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Economic Report

U.S. retail sales sink 1.9% in December in biggest decline in 10 months

Last Updated: Jan. 14, 2022 at 8:35 a.m. ET
First Published: Jan. 14, 2022 at 8:18 a.m. ET

By Jeffry Bartash

Omicron and inflation are big worries

The numbers: Sales at U.S. retailers such as Target and WalMart dropped 1.9% in the final month of 2021, as omicron spread like wildfire and shoppers confronted higher prices due to soaring inflation.

Economists polled by The Wall Street Journal had forecast a 0.1% decline in December.

If high inflation is taken into account, retail sales were even more sharply depressed in December.

Retail sales excluding auto dealers fell a sharper 2.3% last month, the government said Friday. Car sales tumbled last year after a shortage of computer chips knotted up production.

Retail sales are a big part of consumer spending and offer cues on the strength of the U.S. economy. Sales had risen sharply through most of last year before tapering off in the waning months.

{snip}

About the Author

Jeffry Bartash

jbartash@marketwatch.com
https://twitter.com/jbartash
Jeffry Bartash is a reporter for MarketWatch in Washington.

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Response to mahatmakanejeeves (Reply #2)

Fri Jan 14, 2022, 10:01 AM

10. The sky is falling! The sky is falling! Oh wait, normal post Xmas fluctuation range? Ok then...

American media fails everywhere on everything.

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Response to Alexander Of Assyria (Reply #10)

Fri Jan 14, 2022, 10:39 AM

12. Like it or not

Retailers feel that anything that's not a big positive gain is a huge loss.

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Response to durablend (Reply #12)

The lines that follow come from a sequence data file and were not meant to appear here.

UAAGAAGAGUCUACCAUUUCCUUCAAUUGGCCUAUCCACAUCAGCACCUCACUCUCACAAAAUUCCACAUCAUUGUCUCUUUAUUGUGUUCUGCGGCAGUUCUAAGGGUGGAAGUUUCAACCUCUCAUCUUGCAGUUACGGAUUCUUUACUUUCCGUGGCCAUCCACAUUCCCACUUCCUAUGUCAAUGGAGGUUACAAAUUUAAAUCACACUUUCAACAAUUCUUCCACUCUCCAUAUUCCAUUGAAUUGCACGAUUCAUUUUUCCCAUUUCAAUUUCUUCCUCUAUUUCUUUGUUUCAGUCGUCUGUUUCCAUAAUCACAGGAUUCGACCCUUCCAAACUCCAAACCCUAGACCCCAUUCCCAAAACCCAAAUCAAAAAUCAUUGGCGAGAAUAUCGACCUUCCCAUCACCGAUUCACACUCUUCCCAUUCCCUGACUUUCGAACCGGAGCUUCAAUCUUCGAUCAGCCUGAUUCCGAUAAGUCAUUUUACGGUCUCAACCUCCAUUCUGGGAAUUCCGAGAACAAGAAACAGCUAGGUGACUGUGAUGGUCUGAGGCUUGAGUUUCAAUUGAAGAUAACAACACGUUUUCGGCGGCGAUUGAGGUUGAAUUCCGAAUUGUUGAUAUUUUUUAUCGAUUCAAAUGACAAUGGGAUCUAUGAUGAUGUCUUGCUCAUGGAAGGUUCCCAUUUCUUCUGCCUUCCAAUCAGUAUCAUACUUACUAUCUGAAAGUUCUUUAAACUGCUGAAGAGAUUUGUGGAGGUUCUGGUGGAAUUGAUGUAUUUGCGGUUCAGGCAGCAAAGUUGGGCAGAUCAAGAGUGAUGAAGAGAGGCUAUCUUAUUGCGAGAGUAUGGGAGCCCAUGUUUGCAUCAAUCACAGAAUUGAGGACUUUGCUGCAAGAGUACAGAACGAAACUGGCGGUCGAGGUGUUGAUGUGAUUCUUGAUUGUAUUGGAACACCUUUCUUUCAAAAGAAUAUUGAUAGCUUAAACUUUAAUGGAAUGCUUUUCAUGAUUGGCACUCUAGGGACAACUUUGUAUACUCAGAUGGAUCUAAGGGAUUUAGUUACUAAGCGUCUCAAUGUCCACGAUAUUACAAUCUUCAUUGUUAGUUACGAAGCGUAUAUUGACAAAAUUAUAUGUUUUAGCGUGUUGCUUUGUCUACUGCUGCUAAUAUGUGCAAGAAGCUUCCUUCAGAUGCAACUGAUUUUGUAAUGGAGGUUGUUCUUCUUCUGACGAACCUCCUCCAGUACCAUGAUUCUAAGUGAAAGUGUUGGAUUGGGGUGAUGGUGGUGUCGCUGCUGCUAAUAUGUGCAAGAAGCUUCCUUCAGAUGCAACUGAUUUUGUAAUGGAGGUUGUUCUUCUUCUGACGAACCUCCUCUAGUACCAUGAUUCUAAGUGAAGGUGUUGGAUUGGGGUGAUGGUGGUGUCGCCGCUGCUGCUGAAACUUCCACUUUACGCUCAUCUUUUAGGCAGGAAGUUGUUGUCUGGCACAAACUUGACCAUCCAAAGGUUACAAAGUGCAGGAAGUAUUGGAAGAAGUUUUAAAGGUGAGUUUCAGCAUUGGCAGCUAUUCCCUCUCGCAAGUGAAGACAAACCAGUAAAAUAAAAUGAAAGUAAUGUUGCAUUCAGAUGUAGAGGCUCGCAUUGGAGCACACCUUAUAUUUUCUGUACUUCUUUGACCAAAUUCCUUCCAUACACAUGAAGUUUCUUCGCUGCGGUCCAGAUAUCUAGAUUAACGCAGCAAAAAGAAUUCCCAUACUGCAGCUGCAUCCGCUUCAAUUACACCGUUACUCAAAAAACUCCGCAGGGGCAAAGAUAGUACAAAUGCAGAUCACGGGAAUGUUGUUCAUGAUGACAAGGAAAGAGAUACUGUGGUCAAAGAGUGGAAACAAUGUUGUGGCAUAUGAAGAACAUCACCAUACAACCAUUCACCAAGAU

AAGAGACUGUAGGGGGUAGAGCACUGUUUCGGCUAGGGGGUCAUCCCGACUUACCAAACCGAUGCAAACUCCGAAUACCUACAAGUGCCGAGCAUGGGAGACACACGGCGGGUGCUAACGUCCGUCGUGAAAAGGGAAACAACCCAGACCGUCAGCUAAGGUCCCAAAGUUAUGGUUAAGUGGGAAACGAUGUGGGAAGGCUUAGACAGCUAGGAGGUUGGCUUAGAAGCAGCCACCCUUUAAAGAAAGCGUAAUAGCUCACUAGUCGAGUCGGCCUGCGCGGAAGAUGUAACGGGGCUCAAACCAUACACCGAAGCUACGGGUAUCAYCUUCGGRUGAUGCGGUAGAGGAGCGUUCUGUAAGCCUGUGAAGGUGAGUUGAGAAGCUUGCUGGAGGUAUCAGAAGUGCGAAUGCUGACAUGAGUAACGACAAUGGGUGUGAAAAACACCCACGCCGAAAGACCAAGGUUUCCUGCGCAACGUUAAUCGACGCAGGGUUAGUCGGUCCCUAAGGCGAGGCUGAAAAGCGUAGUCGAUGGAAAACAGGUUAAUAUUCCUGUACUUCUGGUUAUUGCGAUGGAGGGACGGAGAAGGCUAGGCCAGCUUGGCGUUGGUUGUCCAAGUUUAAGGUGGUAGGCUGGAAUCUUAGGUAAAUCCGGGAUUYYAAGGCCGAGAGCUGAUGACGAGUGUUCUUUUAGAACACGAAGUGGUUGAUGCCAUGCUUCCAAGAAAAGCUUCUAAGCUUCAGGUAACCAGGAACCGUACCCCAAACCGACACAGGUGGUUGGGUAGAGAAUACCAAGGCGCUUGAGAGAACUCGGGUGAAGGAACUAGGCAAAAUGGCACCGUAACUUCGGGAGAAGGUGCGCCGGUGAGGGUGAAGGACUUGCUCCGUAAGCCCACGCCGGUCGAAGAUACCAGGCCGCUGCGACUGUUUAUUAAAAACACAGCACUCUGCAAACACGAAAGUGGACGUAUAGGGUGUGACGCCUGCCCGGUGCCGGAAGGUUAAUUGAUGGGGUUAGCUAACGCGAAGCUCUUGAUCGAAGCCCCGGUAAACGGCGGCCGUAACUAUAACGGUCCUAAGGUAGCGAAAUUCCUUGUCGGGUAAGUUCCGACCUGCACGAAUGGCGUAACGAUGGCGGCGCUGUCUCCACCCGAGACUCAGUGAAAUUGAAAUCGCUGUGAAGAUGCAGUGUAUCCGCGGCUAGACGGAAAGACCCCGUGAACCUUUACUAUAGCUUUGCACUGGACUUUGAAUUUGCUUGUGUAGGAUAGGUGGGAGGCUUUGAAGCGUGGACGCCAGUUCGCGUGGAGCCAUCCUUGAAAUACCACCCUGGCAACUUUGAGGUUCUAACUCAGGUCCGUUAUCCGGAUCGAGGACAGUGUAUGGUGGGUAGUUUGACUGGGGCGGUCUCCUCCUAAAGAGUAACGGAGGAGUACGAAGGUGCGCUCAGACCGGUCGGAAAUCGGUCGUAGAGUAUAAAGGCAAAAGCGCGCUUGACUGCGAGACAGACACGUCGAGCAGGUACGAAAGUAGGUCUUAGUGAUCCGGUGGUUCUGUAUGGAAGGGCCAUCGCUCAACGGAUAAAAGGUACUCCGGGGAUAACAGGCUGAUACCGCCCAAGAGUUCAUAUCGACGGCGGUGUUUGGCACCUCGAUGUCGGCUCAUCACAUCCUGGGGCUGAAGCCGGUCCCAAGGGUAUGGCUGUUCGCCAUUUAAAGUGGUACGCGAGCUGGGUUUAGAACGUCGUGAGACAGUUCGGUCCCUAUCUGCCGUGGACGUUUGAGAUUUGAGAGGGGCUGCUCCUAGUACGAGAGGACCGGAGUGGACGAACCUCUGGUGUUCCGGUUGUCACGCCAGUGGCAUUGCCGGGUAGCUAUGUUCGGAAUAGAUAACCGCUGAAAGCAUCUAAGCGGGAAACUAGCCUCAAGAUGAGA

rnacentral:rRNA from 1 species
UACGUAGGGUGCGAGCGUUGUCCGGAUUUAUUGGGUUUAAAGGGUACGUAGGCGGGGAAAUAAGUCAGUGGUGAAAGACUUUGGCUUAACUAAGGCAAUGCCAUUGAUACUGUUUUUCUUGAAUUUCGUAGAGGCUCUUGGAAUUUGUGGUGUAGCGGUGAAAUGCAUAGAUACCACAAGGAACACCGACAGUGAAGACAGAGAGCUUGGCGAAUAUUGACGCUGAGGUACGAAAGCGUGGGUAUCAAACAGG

Fri Jan 14, 2022, 10:42 AM

13. That's retailer crazy math. Real math is sane.

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Response to mahatmakanejeeves (Original post)

Fri Jan 14, 2022, 08:54 AM

3. People are buying tons of stuff because they have good jobs and saved up income

not enough articles about low unemployment numbers or high savings rates and pay raises. People bought less stuff in 2020 and more stuff in 2021.

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Response to mahatmakanejeeves (Original post)

Fri Jan 14, 2022, 09:21 AM

6. My gawd . . ..

most brought early because of the supply chain matter. After Christmas the buying especially on line slowed down.

Damn.

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Response to Lovie777 (Reply #6)

Fri Jan 14, 2022, 10:02 AM

11. Oh, forgot about the hyped up supply chain nonsense. What happened to that? All fixed I guess..

time for media to move on to the next concern trolling bait for the public consumption.

And tomorrow…they will feed on their own bait to attack democrats…count on it.

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Response to mahatmakanejeeves (Original post)

Fri Jan 14, 2022, 10:55 AM

14. Probably Ships Still Stuck Off The San Diego Port...